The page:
What a joy this spring to walk around our yard here in Southern California – a former lawn now full of native and other wildlife-attracting plants. The native bees have arrived in higher numbers, challenging the busy honeybees on our blooming ceanothus and lavender. Our resident Anna’s hummingbird seemed to survive the cold spell this winter and is perching on his usual tree branch on the side of the yard.
And our backyard, which we call the ‘jungle’, combines 40 year old sycamores, eucalyptus, and a variety of oaks with our newer native plants (a variety of sages and other California natives.) The tall canopy and plant variety attracts a host of birds.
Some exciting findings this spring along with photos are below — plus some articles I’ve read recently that reinforce what we’re doing.
1) Attract the Native Bees and they will come… At a recent horticulture meeting, Kurt Leuschner, a professor at College of the Desert in Palm Desert, encouraged attracting native bees by drilling holes in untreated wood. I made some 1/4 to 3/8 inch diameter holes about 3 inches deep along an old wooden fence of ours. Today (late March) I saw that that each one was being used, either all filled in, or native bees were in the process of laying eggs. Exciting! See photos above and below. To accommodate different species of bees (there are 200 species of native bees in our area), Leuschner suggested varying sizes from 1/4 to 1/2 inch and from 3 to 6 inches deep. (For more info, see my pollinator article about his talk)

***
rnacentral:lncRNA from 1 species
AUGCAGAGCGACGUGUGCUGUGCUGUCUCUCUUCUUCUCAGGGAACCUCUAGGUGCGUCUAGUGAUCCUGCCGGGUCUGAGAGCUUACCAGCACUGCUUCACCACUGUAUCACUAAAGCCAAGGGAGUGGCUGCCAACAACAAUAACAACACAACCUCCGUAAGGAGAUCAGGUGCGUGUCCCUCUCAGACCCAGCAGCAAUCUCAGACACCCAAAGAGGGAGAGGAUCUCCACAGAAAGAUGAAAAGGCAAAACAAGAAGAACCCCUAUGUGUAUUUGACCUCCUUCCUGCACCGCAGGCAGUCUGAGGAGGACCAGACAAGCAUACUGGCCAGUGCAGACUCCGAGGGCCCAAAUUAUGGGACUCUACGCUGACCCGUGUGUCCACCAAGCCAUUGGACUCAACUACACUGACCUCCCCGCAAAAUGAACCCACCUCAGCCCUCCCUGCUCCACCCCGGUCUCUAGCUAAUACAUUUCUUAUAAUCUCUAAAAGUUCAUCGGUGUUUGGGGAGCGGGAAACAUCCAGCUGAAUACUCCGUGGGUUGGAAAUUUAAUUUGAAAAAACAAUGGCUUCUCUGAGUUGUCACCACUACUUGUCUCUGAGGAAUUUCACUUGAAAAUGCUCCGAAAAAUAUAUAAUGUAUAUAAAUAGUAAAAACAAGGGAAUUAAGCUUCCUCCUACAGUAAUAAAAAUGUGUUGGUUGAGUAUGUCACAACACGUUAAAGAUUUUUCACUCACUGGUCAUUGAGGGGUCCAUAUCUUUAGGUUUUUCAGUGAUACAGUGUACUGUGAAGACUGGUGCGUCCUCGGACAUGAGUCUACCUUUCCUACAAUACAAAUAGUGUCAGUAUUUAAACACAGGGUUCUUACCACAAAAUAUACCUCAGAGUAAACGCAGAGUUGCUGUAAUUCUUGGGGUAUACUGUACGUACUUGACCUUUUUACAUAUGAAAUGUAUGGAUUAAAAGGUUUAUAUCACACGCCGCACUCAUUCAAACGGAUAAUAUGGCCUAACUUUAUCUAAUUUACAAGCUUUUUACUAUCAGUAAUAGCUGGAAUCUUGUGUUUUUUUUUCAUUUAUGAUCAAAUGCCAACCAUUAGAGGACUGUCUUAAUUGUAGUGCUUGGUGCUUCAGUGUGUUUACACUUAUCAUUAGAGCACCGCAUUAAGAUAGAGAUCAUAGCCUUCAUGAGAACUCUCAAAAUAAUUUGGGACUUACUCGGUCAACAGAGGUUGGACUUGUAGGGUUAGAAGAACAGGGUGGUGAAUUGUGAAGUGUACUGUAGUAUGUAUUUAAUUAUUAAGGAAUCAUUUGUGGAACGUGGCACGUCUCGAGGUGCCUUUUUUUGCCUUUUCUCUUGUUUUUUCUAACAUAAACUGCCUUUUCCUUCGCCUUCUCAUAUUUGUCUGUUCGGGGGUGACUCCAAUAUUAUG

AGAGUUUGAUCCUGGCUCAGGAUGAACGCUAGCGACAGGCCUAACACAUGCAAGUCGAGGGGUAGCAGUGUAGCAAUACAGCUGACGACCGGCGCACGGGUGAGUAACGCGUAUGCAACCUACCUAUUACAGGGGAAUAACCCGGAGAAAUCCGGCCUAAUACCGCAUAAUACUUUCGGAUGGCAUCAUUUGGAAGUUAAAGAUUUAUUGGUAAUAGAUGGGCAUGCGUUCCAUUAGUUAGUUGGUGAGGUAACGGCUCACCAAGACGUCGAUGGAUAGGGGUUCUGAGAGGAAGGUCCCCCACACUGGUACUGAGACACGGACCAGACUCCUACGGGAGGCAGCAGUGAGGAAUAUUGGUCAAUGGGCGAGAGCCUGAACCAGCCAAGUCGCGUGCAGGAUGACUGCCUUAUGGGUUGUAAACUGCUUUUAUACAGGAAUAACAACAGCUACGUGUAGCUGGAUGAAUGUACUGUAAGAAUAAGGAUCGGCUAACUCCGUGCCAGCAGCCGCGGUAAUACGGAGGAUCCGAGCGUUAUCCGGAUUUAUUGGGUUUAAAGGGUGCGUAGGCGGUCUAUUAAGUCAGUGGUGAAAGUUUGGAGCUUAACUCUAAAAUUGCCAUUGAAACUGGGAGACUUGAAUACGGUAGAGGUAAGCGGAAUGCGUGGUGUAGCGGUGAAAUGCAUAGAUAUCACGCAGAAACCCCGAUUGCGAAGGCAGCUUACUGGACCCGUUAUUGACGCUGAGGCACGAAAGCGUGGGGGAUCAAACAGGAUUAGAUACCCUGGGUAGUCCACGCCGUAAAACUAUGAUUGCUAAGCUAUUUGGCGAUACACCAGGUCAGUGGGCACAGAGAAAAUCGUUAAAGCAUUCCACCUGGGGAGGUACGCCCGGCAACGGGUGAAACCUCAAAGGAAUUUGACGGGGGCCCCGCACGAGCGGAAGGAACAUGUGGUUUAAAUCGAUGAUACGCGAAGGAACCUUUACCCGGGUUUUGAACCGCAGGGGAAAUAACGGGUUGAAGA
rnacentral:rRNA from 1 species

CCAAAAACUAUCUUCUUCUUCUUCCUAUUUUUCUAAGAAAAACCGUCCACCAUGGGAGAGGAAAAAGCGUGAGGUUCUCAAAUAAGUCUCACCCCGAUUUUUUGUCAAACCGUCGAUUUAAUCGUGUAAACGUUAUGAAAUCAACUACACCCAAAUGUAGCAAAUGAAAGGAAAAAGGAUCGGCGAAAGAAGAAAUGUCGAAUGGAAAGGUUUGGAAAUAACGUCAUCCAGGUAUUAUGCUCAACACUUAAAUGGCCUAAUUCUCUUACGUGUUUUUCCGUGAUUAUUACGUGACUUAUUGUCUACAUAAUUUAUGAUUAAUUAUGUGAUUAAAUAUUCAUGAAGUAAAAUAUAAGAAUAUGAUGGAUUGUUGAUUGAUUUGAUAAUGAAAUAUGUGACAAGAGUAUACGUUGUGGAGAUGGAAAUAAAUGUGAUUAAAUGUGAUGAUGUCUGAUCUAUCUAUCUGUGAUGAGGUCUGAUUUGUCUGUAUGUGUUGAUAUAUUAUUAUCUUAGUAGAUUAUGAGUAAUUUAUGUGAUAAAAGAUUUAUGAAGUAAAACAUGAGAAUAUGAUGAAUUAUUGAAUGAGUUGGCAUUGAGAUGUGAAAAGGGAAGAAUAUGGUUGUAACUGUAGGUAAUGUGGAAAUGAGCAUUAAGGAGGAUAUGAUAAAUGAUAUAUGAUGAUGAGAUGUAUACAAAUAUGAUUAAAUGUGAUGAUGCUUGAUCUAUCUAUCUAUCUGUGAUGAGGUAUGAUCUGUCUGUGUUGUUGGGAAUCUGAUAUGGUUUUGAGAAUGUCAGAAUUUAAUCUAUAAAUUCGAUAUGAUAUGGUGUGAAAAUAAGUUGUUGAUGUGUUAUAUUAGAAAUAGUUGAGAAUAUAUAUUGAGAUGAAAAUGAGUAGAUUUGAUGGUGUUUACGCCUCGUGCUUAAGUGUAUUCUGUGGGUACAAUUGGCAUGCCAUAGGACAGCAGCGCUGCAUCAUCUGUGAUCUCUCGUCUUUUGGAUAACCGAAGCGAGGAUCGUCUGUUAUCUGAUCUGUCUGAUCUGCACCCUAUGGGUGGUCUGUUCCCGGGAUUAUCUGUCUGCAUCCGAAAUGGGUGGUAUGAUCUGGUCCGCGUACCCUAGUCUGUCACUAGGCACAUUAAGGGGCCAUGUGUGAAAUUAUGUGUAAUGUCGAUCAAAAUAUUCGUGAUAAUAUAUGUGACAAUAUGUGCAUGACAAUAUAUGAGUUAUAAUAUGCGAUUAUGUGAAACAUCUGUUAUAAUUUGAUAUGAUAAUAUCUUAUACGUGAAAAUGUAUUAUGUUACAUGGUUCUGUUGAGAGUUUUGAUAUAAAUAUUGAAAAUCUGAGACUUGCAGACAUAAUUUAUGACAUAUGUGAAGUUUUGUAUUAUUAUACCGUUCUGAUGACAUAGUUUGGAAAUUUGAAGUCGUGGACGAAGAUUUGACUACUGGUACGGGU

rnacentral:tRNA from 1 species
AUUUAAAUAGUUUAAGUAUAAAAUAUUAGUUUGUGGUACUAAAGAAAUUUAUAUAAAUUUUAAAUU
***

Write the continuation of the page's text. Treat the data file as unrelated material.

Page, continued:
2) Wild Bees for Agriculture: In late February reporter Geoffrey Mohan did a story in the Los Angeles Times A wild answer to farmers’ lack of bees about the importance of native bees in agriculture and the need to preserve wild habitat. Research shows native bees are better pollinators than the imported European honeybees, which pollinate so many of our crops, and actually push honeybees to work harder.
3) More Butterflies I’m seeing a variety of different butterflies on our property. I wish I could say I’ve id’d them but except for a swallowtail species, I have not — but there’s been at least a half dozen different types flitting by.
A Butterfly Paradise Returns: An interesting article “A Flutter in a Ghost Town”‘ earlier this month in the Los Angeles Times described the comeback of the endangered El Segundo blue butterfly in an area next to Los Angeles mega-airport LAX. A project replaced non-native vegetation with native buckwheat in the area called Surfridge, formerly an exclusive community of homes prior to LAX. I recall my 92 year old father-in-law, who grew up in Los Angeles, wonder why there used to be so many butterflies when he was a boy. Maybe they’ll make a comeback if we continue to restore native habitat.